Computers Don’t Give People Jobs- People Do.

A recent LinkedIn group posting by a job seeker asked the question, Tons of  applications vs. networking (in a new place) – Which might work best?”


While applying online for openings is a necessary component to job search, I think this chart and table answers the job seeker’s question clearly:

wherejobopportunitiescomefrom

Mark S. Granovetter, a sociologist at Harvard, investigated how people get jobs. His study included professional, technical, and managerial workers who recently found jobs, and the chart shows the methods by which jobs were obtained.

Granovetter’s data also indicated that of the people who found jobs through personal contacts, 43.8% had new positions created for them.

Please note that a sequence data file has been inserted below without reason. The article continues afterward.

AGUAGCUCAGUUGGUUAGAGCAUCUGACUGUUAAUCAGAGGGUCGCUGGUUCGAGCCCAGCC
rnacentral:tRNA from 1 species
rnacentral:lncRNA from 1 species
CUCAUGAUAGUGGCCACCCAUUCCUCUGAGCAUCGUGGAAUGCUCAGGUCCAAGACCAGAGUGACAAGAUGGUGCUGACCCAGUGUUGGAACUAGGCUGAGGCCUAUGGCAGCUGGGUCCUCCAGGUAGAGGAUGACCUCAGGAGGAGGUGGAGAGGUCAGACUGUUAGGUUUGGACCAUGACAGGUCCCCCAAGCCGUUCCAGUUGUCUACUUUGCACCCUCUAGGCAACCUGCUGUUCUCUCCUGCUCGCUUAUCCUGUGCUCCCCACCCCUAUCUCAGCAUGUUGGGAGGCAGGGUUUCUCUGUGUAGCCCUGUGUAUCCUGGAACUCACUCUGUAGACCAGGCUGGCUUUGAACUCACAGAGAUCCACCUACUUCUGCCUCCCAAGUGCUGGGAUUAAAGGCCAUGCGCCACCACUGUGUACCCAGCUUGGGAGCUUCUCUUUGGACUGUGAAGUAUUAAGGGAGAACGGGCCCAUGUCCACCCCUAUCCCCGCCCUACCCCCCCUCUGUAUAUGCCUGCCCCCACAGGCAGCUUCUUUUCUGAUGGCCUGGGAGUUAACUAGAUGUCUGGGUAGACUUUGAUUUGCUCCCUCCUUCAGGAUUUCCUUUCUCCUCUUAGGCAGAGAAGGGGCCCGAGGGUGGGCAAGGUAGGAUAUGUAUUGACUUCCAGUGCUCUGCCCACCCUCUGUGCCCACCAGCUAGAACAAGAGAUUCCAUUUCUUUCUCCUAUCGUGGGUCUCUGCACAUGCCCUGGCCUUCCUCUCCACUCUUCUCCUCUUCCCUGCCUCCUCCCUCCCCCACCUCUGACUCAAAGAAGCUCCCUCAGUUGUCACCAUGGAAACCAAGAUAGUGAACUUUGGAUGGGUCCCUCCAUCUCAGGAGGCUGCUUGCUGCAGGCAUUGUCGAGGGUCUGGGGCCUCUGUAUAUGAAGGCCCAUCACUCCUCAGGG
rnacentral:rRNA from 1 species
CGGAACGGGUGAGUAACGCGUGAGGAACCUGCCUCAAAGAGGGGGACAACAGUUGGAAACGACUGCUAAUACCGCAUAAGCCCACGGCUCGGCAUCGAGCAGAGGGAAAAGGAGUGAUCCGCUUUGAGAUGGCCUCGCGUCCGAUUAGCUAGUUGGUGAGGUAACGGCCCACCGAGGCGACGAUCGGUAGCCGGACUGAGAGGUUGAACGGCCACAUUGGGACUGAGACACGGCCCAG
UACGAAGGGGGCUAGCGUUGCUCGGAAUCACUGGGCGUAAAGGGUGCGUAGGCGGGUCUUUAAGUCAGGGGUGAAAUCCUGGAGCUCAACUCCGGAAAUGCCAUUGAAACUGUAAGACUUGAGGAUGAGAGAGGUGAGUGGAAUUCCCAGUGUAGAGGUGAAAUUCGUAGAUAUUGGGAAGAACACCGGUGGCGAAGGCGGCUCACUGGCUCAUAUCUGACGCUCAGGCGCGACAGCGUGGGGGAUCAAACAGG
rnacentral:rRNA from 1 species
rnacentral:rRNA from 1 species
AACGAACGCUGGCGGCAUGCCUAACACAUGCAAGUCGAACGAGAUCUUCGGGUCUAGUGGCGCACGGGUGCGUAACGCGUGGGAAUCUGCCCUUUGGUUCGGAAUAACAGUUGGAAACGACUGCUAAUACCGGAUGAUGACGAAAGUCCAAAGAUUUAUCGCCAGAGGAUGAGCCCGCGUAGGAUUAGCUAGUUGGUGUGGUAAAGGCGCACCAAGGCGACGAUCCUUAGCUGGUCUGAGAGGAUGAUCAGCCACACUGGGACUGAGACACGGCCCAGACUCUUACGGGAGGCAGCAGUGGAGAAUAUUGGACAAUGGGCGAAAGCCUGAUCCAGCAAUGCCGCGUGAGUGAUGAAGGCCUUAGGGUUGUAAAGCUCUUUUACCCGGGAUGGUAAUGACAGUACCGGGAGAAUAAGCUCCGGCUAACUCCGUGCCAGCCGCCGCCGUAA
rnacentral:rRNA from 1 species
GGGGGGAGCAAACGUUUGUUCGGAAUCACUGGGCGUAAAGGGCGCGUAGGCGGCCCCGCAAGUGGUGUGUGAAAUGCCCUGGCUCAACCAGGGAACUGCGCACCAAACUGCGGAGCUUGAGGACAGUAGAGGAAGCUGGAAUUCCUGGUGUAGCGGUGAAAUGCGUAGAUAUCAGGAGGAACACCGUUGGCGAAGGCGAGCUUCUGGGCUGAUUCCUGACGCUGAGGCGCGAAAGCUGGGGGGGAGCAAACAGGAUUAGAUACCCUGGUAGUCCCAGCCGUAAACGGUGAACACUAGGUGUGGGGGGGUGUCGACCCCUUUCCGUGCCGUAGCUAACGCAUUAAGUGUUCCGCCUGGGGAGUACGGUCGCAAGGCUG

Granovetter concludes: “Personal contacts are of paramount importance in connecting people with jobs. Better jobs are found through contacts, and the best jobs, the ones with the highest pay and prestige and affording the greatest satisfaction to those in them, are most apt to be filled in this way.”

Recommended Job Search Effort Allocation

 

Priority

Method

Recommended Effort Allocation

1

Unpublished Sources

70%

2

Advertisements

10%

3

Executive Search Agencies, Job Fairs

5%

4

Present or Former Employer

5%

5

Targeted Mailings

5%

6

Other

5%

So if you are searching for a job, spend the majority of your time focusing on networking to find out about most of the jobs- the unpublished ones.

Next week, we’ll give some recommendations on how to network and provide you with a tool for planning and tracking your networking efforts.

Mary Ila Ward

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